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Costuming Twilight

by Christine Bernard

Countdown to Twilight: Los Angeles, 1992: 8 days! With so much excitement in the air, we couldn’t help but take a tour of the Emerson costume shop and get a little sneak peek of the upcoming show’s costumes. Chloe Goldberg, junior BFA Theatre Design/Technology major concentrating in costume design, was kind enough to tell us about her inspiration and the influences that led to her costume designs for Twilight.

Last summer, the director of the show, Benny Sato Ambush, began by asking her to not follow the stage directions indicated in the script, thus giving her the freedom to interpret for herself the clothing of the characters portrayed. Only after she began to imagine who these characters are for herself did she conduct research on the characters, all of whom are actual people, and the time period. The reason for such precaution lays in Ambush’s desire for this piece to send a message, drawing a connection between these events and our world today, rather than be a mere presentation of the Los Angeles episodes.

Costumes in Twilight: Los Angeles, 1992

The two main sources that inspired and solidified Goldberg’s work were culture and style. She did extensive research about the late 80’s and early 90’s style in order to correctly capture the details in the costuming. For example, one of the characters, Rudy Sallas Sr., is an older Hispanic man who she dressed in guayabera shirts, which are identified with older, more traditional generations of Hispanic culture. This character’s father was also a part of the Villa clan, whose members wore yellow, which Goldberg used to refer to this affiliation.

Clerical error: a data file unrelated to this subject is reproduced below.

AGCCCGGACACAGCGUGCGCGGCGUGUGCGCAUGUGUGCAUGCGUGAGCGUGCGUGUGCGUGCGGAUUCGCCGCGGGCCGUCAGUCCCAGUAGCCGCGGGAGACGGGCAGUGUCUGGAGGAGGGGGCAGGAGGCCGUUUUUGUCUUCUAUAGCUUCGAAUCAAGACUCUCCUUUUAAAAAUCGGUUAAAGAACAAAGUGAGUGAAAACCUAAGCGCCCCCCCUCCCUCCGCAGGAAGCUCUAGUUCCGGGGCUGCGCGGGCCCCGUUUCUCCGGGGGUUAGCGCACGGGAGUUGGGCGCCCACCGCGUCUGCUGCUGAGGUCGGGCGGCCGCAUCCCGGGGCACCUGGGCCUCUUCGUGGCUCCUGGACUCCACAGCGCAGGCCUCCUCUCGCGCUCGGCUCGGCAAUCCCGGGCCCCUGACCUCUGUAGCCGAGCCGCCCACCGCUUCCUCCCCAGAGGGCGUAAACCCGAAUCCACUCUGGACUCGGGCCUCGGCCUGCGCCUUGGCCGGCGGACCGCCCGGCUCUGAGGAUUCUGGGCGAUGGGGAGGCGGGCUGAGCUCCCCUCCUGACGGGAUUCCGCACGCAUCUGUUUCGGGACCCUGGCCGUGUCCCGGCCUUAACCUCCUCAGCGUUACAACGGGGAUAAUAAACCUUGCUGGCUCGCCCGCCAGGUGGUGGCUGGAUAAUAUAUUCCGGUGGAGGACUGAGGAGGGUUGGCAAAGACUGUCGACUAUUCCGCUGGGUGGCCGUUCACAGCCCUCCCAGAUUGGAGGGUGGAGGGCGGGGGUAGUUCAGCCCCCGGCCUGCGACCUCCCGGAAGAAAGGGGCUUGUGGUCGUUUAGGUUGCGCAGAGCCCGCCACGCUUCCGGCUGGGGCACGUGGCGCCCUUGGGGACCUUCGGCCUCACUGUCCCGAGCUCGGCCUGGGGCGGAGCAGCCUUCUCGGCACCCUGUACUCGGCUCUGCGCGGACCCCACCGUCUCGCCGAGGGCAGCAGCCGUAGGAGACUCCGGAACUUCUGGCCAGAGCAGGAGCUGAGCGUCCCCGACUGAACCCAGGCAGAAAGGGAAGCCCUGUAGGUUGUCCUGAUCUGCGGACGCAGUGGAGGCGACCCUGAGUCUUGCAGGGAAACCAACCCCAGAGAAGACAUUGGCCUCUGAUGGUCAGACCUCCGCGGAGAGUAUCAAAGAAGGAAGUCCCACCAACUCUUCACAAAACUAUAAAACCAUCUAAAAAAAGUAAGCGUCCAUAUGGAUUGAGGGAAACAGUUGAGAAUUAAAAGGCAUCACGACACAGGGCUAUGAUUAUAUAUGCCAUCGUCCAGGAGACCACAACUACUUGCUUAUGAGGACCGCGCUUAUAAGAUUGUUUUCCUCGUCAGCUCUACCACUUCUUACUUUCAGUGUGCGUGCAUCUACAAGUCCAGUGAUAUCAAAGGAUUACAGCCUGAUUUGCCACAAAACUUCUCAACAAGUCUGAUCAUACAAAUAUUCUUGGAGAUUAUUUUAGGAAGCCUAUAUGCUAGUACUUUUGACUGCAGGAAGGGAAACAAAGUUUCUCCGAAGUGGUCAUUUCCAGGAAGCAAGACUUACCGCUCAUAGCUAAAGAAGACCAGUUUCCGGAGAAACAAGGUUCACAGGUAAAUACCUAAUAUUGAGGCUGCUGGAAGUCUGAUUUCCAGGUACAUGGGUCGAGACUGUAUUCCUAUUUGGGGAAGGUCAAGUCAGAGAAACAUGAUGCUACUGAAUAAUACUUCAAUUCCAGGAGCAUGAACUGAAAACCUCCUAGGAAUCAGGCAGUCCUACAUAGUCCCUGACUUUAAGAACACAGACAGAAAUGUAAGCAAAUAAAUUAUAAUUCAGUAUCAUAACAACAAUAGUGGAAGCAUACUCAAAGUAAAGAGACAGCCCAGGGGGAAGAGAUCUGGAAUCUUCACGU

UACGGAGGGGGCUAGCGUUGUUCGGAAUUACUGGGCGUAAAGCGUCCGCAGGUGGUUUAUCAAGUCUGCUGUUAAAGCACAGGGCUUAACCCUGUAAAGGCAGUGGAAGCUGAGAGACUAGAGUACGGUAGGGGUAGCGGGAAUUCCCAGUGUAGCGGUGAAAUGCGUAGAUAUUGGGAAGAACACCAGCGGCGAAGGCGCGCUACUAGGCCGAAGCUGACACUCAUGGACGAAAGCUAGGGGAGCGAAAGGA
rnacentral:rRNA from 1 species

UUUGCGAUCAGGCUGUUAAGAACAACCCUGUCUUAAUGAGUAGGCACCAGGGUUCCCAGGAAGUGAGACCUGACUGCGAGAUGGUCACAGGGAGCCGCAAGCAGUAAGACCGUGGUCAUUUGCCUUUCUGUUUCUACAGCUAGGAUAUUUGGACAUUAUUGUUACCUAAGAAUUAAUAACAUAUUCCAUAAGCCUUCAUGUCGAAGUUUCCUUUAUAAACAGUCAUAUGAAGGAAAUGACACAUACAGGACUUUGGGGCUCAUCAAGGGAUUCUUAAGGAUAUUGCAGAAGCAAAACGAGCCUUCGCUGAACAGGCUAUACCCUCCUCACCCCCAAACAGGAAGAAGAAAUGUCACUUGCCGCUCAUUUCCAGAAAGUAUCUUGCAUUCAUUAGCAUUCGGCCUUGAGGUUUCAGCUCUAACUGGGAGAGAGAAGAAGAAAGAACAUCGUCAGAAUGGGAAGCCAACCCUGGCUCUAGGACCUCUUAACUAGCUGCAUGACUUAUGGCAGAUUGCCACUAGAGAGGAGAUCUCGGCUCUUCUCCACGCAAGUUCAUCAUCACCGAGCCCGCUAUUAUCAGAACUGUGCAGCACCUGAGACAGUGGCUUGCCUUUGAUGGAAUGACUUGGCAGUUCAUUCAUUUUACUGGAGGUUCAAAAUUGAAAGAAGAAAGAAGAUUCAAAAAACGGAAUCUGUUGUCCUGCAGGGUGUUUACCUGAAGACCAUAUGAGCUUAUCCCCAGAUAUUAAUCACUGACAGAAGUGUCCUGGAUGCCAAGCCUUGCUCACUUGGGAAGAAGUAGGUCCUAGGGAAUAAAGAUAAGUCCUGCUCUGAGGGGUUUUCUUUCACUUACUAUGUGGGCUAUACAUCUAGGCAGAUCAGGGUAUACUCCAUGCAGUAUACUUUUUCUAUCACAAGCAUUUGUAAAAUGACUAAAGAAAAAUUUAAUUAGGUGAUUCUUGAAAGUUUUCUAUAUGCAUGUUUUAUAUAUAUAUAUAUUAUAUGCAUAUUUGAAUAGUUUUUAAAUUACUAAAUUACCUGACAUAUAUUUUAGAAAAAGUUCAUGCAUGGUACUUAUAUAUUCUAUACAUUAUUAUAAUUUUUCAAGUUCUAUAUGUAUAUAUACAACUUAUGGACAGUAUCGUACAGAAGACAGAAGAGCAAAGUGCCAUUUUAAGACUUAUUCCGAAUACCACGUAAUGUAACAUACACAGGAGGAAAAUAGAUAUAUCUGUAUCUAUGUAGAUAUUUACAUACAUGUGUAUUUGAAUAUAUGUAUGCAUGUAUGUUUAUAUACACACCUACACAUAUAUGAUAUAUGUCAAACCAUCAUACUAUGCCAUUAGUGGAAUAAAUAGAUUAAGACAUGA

Goldberg admitted that it wasn’t too much of a challenge designing costumes for the more obvious characters like a business person who could simply throw on a suit. However, for the more casual characters she used hints like color to represent who they are.

Twilight: Los Angeles, 1992 Costume Designs

One interesting thing about the costumes for this show (as you can see in the photographs above) is that there isn’t any unifying traits or colors. Sato Ambush wanted the costumes to be as diverse as the characters. Every character’s costume is remarkably unique!

Goldberg’s previous Emerson Stage work includes Assistant Costume Designer for Man of La Mancha, The Actor and The Actor’s Nightmare, and Paint.


Christine Bernard is a junior BS Marketing Communication major at Emerson College.

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